What is a Defined Benefit Plan?
A defined benefit plan, funded by the employer, promises you a specific monthly benefit at retirement. For example, your pension benefit might be equal to one percent of your average salary for the last five years of employment times your total years of service.
In general, as the name suggests, defined benefit plans guarantee a specific benefit at retirement to each eligible employee. A cash balance plan is a defined benefit plan that in some ways resembles a 401(k) plan. Like 401(k) plans, typically cash balance plans credit a participant’s hypothetical account annually with a “pay credit” (such as 5 percent of compensation) and an “interest credit” (either a fixed or a variable rate linked to an index such as the one-year treasury bill rate).
Unlike 401(k) plans, those hypothetical accounts are then used to determine the benefit the eligible employee will receive at retirement. Also, unlike 401(k) plans, increases and decreases in the actual value of the plan’s investments are the responsibility of the employer and do not directly impact the benefit amounts promised to participants.
In other words, a defined benefit plan is much like social security. A pension plan is nothing more than a social security program for a private business. we can convert it to a lump sum, unlike social security. Every year you work you are essentially buying a monthly retirement benefit and amortizing cost from now to normal retirement age. With a pension, you can convert it to lump sum instead of having to take the monthly benefit.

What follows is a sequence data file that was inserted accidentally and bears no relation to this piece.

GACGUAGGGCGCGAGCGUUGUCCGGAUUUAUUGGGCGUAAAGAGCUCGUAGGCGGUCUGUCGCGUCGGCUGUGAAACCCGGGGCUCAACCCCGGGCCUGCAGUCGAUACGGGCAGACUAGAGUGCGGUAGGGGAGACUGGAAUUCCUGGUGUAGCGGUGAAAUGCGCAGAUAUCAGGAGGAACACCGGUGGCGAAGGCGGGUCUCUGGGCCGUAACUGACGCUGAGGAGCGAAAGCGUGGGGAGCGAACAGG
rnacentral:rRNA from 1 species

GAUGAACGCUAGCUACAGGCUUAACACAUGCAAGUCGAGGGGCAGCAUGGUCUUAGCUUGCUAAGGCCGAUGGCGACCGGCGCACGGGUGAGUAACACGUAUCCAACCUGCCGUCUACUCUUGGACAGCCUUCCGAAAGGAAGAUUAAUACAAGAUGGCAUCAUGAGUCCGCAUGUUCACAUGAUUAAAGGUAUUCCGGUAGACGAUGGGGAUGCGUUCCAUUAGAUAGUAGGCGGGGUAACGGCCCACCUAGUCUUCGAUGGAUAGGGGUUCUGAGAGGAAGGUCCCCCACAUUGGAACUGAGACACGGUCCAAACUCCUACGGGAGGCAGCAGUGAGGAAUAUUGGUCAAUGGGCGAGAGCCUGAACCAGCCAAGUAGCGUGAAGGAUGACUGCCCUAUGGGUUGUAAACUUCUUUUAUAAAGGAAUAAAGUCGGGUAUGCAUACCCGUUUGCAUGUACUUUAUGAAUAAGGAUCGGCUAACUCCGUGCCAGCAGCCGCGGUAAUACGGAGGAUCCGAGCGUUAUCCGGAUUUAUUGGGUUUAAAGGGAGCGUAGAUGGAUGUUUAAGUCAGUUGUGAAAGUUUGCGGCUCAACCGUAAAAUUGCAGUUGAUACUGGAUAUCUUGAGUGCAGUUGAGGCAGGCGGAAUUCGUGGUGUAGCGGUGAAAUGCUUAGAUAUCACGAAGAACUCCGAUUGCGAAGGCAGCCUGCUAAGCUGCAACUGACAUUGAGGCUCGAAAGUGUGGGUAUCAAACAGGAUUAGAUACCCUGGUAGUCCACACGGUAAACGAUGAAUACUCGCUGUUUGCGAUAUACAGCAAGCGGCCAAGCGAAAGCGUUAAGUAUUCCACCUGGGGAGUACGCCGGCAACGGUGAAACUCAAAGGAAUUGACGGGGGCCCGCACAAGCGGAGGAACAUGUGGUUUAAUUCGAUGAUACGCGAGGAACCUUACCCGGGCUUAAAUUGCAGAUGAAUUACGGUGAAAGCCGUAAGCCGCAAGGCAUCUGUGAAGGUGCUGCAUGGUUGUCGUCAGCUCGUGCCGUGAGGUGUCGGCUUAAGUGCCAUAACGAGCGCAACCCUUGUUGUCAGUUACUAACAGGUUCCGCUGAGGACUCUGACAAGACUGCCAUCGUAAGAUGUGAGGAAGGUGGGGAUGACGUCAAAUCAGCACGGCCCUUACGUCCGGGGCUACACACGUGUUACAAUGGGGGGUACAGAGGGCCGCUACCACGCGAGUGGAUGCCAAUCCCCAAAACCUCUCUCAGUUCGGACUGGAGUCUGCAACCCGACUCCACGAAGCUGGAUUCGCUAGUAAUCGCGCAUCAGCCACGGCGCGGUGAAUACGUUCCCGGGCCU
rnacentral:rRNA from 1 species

History of Defined Benefit Plans
The first private pension plan in the United States was established in 1875 by the American Express Company and was soon followed by pensions provided by utilities, banking, and manufacturing companies. Almost all of the early pension plans were traditional pension plans — known as defined benefit plans — that paid workers a specific monthly benefit at retirement.
Until 1974, there was little or no protection for pensions. Because of shocking instances of workers losing their retirement benefits (most notably in1963 when 4,000 Studebaker auto workers lost some or all of their promised benefits),Congress in 1974 took action to prevent such tragedies by enacting the Employee Retirement Income Security Act (ERISA)
ERISA set strict requirements for private pension plans. The U.S. Department of Labor(DOL) is responsible for seeing that pension plans are properly operated and that their assets are managed in a prudent manner. The IRS is responsible for pension plan funding and vesting requirements, and for ensuring compliance with tax laws. ERISA also established the Pension Benefit Guaranty Corporation (PBGC) to insure the pensions of workers covered by private defined benefit pension plans.